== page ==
Adaptation strategies of local land users
|Authors:||Cecelia De Ita, Lindsay Stringer, Luuk Fleskens, Andy Dougill, with input from study sites
|Source document:||De Ita et al. (2015) Report on stakeholder adaptation strategies in the CASCADE study sites. CASCADE Project Deliverable 8.1.|
The interaction of human and biophysical factors has resulted in many changes to Mediterranean drylands, and in some areas has resulted in productivity losses and desertification. The inherent aridity and unfavourable soils, with poor water holding capacity, low organic content and low nutrient levels, inhibit primary production and ecosystem resilience. Coupled with negative impacts from agriculture through contaminates such as nitrates, pesticides and heavy metals, and the effects these have on already scarce water resources, the future sustainability of the region’s drylands is in question. Problems of degradation are expected to intensify as temperature and rainfall extremes increase under climate change. Such changes are expected to exacerbate fire-related challenges in some areas of the region (e.g. Portugal) and problems of erosion on sloping land (e.g. in Spain). At the same time, social and institutional pressures, including policy-driven financial, incentive and resource allocation decisions, look set to add further to land quality changes and associated adverse conditions.
Environmental problems are typically complex, uncertain, multi-scale and affect multiple stakeholders. These often interdependent factors demand transparent decision-making that has the ability to be flexible to variable and changing circumstances, and which embraces a diversity of knowledge and values. As environmental management is site-specific, the development of appropriate measures requires the integration of biophysical, socio-economic and socio-environmental information. To achieve this, stakeholder participation is increasingly being sought and embedded into environmental research and decision-making processes, from local to international scales.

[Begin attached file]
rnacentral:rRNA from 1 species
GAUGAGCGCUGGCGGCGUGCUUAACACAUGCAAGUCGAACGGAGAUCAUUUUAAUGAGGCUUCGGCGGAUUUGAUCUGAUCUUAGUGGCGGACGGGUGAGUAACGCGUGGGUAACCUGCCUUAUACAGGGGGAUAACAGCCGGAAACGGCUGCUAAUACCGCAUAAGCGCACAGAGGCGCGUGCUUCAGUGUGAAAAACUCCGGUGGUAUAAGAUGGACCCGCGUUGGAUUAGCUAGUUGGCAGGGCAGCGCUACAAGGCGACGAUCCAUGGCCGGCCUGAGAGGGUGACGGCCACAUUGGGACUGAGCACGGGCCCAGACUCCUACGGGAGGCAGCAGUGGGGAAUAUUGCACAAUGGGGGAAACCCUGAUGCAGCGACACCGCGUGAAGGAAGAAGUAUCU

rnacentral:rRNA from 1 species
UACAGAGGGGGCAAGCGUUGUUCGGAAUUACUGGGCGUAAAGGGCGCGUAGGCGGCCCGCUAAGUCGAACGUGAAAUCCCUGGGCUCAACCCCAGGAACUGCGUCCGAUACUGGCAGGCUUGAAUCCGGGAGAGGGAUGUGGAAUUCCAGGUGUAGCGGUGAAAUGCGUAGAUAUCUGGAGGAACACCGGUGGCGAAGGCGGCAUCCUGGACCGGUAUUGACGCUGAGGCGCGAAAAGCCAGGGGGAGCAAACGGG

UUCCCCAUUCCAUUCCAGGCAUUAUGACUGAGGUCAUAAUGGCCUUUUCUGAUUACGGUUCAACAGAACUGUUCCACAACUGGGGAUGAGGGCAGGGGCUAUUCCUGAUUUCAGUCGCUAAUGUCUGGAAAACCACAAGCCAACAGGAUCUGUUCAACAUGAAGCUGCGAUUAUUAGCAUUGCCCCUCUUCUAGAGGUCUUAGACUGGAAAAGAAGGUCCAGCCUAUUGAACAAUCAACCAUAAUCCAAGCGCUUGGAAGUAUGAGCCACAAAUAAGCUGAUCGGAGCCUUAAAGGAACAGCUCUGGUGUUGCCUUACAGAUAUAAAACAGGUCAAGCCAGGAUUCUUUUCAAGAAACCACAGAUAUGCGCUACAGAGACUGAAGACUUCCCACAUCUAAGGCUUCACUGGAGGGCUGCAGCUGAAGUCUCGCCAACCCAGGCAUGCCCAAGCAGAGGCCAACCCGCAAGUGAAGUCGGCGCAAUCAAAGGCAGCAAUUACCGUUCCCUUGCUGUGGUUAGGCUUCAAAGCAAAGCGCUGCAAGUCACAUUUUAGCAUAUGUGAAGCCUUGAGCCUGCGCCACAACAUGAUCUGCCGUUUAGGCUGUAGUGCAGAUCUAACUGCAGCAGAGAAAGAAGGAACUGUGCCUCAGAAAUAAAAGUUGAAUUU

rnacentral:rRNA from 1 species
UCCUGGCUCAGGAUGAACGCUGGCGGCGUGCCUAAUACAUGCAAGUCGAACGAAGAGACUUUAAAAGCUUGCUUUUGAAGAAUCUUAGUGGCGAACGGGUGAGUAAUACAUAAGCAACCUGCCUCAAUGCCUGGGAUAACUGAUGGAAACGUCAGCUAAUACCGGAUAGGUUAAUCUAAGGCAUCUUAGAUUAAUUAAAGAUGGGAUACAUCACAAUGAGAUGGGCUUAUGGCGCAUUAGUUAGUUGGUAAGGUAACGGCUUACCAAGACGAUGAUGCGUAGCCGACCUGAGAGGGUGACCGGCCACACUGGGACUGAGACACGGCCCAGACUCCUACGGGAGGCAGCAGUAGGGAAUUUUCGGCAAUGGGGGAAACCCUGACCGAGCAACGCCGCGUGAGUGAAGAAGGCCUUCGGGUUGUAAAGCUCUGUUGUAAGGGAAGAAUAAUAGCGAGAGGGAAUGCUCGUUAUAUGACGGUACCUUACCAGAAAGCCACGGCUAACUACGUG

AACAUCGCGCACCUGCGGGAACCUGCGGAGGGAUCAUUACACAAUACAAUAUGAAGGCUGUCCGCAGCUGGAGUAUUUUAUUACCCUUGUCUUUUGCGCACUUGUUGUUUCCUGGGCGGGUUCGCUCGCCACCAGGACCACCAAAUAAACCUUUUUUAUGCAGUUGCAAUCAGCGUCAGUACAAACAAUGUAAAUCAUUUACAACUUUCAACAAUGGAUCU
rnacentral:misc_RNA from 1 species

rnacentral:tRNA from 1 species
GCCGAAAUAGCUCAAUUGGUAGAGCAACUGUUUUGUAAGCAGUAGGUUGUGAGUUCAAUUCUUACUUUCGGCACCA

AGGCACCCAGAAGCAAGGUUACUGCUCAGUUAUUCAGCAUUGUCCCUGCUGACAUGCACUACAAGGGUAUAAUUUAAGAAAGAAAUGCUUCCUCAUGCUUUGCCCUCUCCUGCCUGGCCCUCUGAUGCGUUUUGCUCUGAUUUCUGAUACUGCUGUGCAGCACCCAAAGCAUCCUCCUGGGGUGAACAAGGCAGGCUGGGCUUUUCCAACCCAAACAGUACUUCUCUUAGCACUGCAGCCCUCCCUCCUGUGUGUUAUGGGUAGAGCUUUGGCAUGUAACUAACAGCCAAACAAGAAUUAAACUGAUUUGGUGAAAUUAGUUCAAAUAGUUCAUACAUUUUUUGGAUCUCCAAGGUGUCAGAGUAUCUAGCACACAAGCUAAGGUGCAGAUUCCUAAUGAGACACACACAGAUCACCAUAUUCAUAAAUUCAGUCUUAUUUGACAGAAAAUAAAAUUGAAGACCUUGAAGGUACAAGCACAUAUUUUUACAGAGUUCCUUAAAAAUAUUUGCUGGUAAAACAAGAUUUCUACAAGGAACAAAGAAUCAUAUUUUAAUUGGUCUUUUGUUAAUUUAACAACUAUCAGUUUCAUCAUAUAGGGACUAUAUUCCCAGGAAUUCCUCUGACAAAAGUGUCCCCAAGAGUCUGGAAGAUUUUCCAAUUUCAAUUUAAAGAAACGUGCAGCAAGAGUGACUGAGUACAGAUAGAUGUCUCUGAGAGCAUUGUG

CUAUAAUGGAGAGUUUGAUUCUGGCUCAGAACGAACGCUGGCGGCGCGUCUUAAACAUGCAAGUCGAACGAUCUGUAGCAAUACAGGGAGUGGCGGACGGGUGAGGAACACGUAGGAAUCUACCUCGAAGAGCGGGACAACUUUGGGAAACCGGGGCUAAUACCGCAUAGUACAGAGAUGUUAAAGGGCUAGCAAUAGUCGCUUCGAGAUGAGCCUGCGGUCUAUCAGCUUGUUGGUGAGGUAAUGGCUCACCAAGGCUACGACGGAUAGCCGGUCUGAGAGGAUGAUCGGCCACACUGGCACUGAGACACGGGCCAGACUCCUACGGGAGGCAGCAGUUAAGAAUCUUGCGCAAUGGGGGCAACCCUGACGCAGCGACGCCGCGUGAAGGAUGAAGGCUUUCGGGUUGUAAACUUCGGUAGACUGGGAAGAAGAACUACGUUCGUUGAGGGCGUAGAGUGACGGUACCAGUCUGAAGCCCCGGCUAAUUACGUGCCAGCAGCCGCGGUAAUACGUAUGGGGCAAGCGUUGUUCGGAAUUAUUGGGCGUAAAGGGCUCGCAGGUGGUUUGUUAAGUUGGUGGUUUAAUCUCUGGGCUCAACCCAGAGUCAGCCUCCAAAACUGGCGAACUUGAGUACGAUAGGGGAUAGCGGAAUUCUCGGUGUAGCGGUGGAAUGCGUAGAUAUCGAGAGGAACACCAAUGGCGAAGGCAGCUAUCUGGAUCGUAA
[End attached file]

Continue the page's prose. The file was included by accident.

Participatory processes have been used to gather knowledge about land degradation and to build a bridge between local communities and researchers. Stakeholder engagement can create greater awareness of environmental problems, facilitate participation in the development of solutions, and promote consciousness about environmental issues within society as a whole. Inclusive working approaches are gradually becoming more visible in policy making in some parts of the Mediterranean, with shifts towards a collaborative approach involving the general public in sustainable development decision making. Additional knowledge and learning obtained through participation and collaborative processes offers policy makers more robust and substantiated data and evidence based on local factors. This can inform their decision making when reviewing, adjusting or applying a specific environmental policy.
This section of CASCADiS takes stakeholder engagement as its starting point. In it we explore:
- whether stakeholders have noticed changes in environmental conditions and/or regime changes, and how they adapted to those changes, over and up to a period of 20 years from the present, and
- what kind of changes they expect to witness in the future (up to 20 years from the present) as well as what future changes, strategies and adaptation measures they perceive they might make to their land use and management, in order to adapt to those possible future changes.
The detailed results from each each study site can be found here.
Achieving these aims provides useful information that can help to pinpoint where policy support might be needed in order to aid adaptation.